Relaxing at Misibis Bay

Our first major stop was Misibis Bay, a tropical island getaway in Cagraray Island in Albay.
On our way there, our convoy stopped at the middle of a bridge to take photos. There were a few passing cars; each one seemed to tolerate our group selfie craze because I didn’t hear a single car honk.

After settling in our rooms, the adults yearned for sleep especially the designated drivers but the kids were too excited to head down to the beach.

Misibis Bay

Misibis Bay

Our group spent two relaxing days at the private island resort. We spent most of our time at the pool and nearby beach.

We also went around Cagraray Eco Park. The amphitheater is a sight to behold. The venue was used as a pit stop of Amazing Race Asia 4 – Philippine leg. It was also featured in several films and TV programs.

The simple but lovely Cagraray Island Chapel overlooks the bay with Mt. Mayon at the background. The chapel is surrounded by glass walls. Large chandeliers hang above the rows of wooden benches.

Riding the ATV through lahar-covered roads

ATV adventure

ATV adventure

Riding the ATV was exhilarating! Everyone in our group joined the ATV adventure. The older kids were thrilled to ride their own ATVs while the younger ones didn’t mind riding with either their mom or their dad.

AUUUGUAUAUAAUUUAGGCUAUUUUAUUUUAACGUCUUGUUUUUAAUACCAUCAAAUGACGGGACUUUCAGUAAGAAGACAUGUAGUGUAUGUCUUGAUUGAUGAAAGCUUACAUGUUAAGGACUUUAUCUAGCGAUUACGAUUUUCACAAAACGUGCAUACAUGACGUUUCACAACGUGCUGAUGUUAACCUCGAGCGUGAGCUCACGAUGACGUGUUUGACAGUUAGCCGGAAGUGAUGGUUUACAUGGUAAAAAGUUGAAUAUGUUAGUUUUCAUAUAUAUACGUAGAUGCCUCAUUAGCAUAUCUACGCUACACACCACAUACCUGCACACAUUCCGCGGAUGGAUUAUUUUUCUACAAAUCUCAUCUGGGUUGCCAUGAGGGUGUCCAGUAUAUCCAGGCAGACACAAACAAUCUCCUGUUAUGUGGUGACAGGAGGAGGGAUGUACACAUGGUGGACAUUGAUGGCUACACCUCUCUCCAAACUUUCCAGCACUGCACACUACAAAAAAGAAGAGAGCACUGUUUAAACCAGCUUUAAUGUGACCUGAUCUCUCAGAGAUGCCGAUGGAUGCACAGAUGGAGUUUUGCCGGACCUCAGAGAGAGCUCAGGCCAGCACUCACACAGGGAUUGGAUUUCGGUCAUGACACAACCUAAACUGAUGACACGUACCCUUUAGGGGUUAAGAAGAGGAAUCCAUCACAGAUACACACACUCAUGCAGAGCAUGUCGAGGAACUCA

We drove through dirt roads and pine-laden landscapes. We went uphill and downhill; took sharp turns; maneuvered our way through huge boulders; evaded cows; and crossed shallow rivers.

Lava wall

Lava wall

We stopped at one point and made our way to Mayon’s lava wall (a formation caused by Mt. Mayon’s 2006 eruption). The climb was quite scary (at least for me since I’m terrified of heights). Some of the boulders shook under my feet. I’m thankful because one of the guides helped me on the way up.

Jump shot at Mt. Mayon

Jump shot at Mt. Mayon

The view on top was worth the nerve-racking climb. There was a helipad at the top of the wall with an remarkable view of Mt. Mayon. Our group took our time taking photos and we did our own version of Running Man Challenge. Haha!!!

While my husband, son and my friends climbed down the boulders, I chose to take the easy way down by riding the zip line. Despite my fear of heights, the zip line seemed like a better option than going down the shaky rocks. It was an adrenaline-jumping journey down which I surprisingly enjoyed.

It was already dark when we rode our ATVs back to the base camp. It was a different experience because we had to be more careful at night. I made a sudden stop on the way when I saw a frog leaping to cross the other side. Good thing there was a good distance between me and the ATV behind.

We got back to the camp safely. Everyone was tired but happy.

Read Part 2 here.

Photos by author.

Rachel Yapchiongco, also known as Rach to her friends, is a Psychology and Marketing Management graduate of De La Salle University. Rachel is a mom to a charming boy and married to an entrepreneur who has a passion for cooking. She shares parenting experiences and slices of everyday life on her personal blog called Heart of Rachel.

Ma. Rachel Yapchiongco (389 Posts)